top of page
  • Writer's pictureLa Voz Latina

Cultural centers bring community together

Written: by Laura Charleston 🇭🇹

Construction inside of Cole Student Activities Building on Feb 13, 2024. (Isai Amaya-Diaz)

After years of advocacy, the University of Maryland plans to construct five new cultural centers dedicated to the Asian Pacific Islander Desi American (APIDA), Disabled, LatinX, Multiracial, and Native and Indigenous communities in the Cole Student Activities Building. 

This is a tremendous step forward in ensuring these communities feel recognized by the University and the students have a safe space to express themselves and study. 

“I think these centers will bring them community, bring them space, you know,” said Kyrsha Balderas, the Coordinator for Native/Indigenous Student Involvement and Community Advocacy. “ A place where they can connect with one another and talk about the big issues or the small issues. 

“We currently conduct the majority of our events on Zoom since that tends to be the most accessible option for planners and attendees, but many of us are excited about the prospect of having an in-person space designed for us,” said Lasair MacHa Ni Chochlain, the founder and president of UMD Graduate Students with Disabilities. 

Student organizations have a limited amount of space where they can host events and meetings. The Adele H. Stamp Student Union, McKeldin Library, and Parren J. Mitchell Art-Sociology Building - among other buildings - offer a variety of spaces, but no organization can truly claim them as their own. 

The Cozy Corner, offered by the Multicultural Involvement and Community Advocacy Office, is a popular room for student organizations to reserve, but its popularity makes it difficult to secure.

“That’s my hope, is that it can, you know, it can kind of serve a purpose in the community as a space to gather, but also that it can energize folks to really want more for the community,” said Justine Suegay the Coordinator for Asian, Pacific Islander and Desi American Student Involvement. 

Smaller communities across campus are spread out and do not receive equal recognition compared to larger communities. For the past three years, native and indigenous communities are less than 1% of the student body, according to the UMD Undergraduate Student Profile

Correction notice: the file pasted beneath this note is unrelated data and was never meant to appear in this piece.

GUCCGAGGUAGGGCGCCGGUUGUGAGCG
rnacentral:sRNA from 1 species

Cole Student Activities Building on Feb 13, 2024 (Isai Amaya-Diaz)

“I think that’s something that this culture center can do is that it can show students that are applying to the University that the University recognizes its indigenous students and wants them there and welcomes them there,” said Paulina Martinez, president of the Native American and Indigenous Student Union.

The Cultural Centers will be between the Purple Line and Jones Hill House in the Cole Student Activities Building. The space used for the centers was originally a locker room and bathroom. According to Ava Lamberty, a Multiracial Community Involvement intern and President of the Multicultural Biracial Student Association, there is some contention due to the centers being in a repurposed area instead of their own unique space. 

“It shows the University’s priorities in regards to student engagement. How they’re willing to put all this money and this work into athletics but not really student enrichment on campus,” said Lamberty. 

Another important aspect of the centers is inclusivity and preserving cultural elements. Artworks, artifacts, historical figures, awards and achievements, furniture to accommodate students and more are being considered to create a welcoming environment. 

“We will have furniture and rooms designed for us and our needs, the ability to install air filters and potentially mandate masks so that immunocompromised people can feel safe, and mainly just a place that we can gather freely without having to worry so much about accessibility,” said Chochlain 

Student organizations have advocated for a space to claim their own for decades. This is a step forward for the campus's strive for equity, inclusion and social justice. And a big step forward for the five communities listed and other communities on campus.

“It’s a start but is by no means an end,” said Lamberty. 

For more information on the student organizations involved in this article:


bottom of page